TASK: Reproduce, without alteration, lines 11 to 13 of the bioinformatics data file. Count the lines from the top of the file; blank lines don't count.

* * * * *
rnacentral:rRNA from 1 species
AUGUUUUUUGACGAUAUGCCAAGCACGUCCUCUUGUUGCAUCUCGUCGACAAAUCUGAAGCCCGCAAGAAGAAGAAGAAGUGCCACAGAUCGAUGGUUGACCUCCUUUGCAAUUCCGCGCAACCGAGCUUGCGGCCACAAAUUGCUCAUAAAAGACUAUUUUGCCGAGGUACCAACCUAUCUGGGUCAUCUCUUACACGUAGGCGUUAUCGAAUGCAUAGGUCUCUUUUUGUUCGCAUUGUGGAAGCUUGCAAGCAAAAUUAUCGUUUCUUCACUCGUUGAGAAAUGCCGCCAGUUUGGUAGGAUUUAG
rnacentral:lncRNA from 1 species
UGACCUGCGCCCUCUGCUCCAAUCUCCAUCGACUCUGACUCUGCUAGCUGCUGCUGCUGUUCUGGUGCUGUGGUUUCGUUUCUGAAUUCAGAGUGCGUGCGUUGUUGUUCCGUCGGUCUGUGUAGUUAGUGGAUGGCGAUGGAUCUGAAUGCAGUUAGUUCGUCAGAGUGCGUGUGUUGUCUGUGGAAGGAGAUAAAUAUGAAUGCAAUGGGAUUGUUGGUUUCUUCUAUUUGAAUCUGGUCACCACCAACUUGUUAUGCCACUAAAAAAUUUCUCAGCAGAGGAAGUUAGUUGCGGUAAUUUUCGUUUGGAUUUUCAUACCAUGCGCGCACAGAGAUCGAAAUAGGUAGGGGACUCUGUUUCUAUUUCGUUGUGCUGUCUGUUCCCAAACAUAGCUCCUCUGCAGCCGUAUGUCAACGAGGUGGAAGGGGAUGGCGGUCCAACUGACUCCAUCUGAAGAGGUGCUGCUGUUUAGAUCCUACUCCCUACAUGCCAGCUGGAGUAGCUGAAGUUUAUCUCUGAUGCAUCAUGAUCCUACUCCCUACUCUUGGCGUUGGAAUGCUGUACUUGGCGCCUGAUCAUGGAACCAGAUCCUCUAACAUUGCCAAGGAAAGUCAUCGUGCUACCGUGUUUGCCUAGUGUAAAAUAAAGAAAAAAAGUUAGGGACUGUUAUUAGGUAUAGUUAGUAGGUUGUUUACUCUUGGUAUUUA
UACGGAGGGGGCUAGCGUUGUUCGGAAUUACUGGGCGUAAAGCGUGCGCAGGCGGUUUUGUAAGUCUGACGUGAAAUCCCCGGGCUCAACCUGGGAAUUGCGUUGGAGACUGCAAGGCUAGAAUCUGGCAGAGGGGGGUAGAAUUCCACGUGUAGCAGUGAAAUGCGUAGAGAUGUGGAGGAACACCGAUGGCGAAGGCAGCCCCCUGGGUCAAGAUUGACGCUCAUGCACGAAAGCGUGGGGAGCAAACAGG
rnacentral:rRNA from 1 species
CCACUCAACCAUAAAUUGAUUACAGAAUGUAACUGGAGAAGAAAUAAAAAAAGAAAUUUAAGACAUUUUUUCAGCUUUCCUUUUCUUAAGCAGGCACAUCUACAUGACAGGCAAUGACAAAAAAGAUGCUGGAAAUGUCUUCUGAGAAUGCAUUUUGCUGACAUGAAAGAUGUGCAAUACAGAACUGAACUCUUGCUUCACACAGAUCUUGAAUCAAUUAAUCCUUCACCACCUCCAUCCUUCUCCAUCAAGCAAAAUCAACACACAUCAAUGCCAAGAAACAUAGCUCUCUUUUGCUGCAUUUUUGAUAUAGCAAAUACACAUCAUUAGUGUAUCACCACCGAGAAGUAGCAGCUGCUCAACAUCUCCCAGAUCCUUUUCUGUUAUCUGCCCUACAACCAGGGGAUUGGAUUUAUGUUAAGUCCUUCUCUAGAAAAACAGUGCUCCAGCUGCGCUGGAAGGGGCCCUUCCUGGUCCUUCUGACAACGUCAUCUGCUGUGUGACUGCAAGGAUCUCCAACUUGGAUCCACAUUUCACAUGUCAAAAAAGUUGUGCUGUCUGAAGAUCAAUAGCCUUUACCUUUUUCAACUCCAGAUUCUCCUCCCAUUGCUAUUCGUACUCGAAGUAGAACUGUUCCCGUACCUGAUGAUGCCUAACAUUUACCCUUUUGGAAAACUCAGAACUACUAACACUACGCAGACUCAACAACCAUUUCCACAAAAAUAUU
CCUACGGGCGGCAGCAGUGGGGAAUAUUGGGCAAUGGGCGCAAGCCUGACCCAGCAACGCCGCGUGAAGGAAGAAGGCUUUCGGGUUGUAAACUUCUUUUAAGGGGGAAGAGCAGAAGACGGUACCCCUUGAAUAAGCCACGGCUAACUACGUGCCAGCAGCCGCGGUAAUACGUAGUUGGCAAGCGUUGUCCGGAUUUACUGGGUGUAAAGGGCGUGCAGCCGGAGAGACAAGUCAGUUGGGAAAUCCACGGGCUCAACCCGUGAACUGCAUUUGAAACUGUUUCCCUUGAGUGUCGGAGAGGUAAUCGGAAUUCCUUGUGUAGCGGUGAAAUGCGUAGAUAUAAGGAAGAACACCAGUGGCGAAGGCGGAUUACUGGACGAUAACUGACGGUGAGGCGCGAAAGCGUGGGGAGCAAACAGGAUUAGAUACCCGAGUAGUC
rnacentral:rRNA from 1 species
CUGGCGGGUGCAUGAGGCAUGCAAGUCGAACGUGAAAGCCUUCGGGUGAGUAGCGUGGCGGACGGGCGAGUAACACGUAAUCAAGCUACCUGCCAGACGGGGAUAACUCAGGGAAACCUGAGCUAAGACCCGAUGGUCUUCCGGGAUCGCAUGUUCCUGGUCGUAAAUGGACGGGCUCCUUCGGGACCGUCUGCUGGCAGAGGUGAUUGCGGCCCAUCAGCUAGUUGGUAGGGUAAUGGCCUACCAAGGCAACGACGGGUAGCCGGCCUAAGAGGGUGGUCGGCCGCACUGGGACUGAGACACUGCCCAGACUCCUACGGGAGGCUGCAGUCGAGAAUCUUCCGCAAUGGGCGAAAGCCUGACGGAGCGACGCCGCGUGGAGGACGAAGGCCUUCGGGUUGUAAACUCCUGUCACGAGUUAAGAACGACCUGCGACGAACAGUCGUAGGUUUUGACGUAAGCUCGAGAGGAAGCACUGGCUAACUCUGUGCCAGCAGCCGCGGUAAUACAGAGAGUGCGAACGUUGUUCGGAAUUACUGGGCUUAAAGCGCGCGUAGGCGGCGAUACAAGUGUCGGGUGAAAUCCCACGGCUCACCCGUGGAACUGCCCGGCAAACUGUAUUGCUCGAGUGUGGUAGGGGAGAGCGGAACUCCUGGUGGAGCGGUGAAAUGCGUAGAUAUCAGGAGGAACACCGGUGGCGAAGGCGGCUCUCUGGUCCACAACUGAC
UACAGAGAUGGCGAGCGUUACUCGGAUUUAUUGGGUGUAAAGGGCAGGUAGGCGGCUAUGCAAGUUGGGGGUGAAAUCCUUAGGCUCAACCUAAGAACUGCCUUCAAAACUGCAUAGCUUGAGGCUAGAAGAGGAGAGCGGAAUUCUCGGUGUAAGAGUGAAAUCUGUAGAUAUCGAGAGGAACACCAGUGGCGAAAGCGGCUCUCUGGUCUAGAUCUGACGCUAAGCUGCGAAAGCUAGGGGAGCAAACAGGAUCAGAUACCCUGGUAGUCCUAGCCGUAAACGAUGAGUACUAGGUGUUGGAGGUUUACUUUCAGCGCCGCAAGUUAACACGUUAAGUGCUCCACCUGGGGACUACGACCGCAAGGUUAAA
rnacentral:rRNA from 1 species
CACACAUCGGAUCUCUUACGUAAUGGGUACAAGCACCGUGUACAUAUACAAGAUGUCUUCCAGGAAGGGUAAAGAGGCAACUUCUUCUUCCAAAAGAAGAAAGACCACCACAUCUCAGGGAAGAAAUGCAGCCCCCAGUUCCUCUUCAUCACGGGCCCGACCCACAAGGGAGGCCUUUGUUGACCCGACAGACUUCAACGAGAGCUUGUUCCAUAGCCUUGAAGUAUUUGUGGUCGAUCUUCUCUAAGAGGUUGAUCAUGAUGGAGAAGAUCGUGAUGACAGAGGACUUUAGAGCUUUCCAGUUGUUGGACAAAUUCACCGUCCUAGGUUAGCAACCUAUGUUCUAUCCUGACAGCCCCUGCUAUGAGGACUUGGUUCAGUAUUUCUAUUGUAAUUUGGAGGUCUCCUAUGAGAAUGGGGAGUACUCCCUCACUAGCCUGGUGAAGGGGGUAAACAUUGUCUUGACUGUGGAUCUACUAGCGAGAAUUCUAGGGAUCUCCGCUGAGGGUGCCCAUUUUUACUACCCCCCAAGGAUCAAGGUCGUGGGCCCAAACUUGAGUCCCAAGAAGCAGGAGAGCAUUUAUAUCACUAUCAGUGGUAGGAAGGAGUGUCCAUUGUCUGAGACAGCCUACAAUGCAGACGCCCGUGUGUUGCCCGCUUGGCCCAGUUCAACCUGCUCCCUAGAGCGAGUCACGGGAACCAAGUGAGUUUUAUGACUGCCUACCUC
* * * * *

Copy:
UACAGAGAUGGCGAGCGUUACUCGGAUUUAUUGGGUGUAAAGGGCAGGUAGGCGGCUAUGCAAGUUGGGGGUGAAAUCCUUAGGCUCAACCUAAGAACUGCCUUCAAAACUGCAUAGCUUGAGGCUAGAAGAGGAGAGCGGAAUUCUCGGUGUAAGAGUGAAAUCUGUAGAUAUCGAGAGGAACACCAGUGGCGAAAGCGGCUCUCUGGUCUAGAUCUGACGCUAAGCUGCGAAAGCUAGGGGAGCAAACAGGAUCAGAUACCCUGGUAGUCCUAGCCGUAAACGAUGAGUACUAGGUGUUGGAGGUUUACUUUCAGCGCCGCAAGUUAACACGUUAAGUGCUCCACCUGGGGACUACGACCGCAAGGUUAAA
rnacentral:rRNA from 1 species
CACACAUCGGAUCUCUUACGUAAUGGGUACAAGCACCGUGUACAUAUACAAGAUGUCUUCCAGGAAGGGUAAAGAGGCAACUUCUUCUUCCAAAAGAAGAAAGACCACCACAUCUCAGGGAAGAAAUGCAGCCCCCAGUUCCUCUUCAUCACGGGCCCGACCCACAAGGGAGGCCUUUGUUGACCCGACAGACUUCAACGAGAGCUUGUUCCAUAGCCUUGAAGUAUUUGUGGUCGAUCUUCUCUAAGAGGUUGAUCAUGAUGGAGAAGAUCGUGAUGACAGAGGACUUUAGAGCUUUCCAGUUGUUGGACAAAUUCACCGUCCUAGGUUAGCAACCUAUGUUCUAUCCUGACAGCCCCUGCUAUGAGGACUUGGUUCAGUAUUUCUAUUGUAAUUUGGAGGUCUCCUAUGAGAAUGGGGAGUACUCCCUCACUAGCCUGGUGAAGGGGGUAAACAUUGUCUUGACUGUGGAUCUACUAGCGAGAAUUCUAGGGAUCUCCGCUGAGGGUGCCCAUUUUUACUACCCCCCAAGGAUCAAGGUCGUGGGCCCAAACUUGAGUCCCAAGAAGCAGGAGAGCAUUUAUAUCACUAUCAGUGGUAGGAAGGAGUGUCCAUUGUCUGAGACAGCCUACAAUGCAGACGCCCGUGUGUUGCCCGCUUGGCCCAGUUCAACCUGCUCCCUAGAGCGAGUCACGGGAACCAAGUGAGUUUUAUGACUGCCUACCUC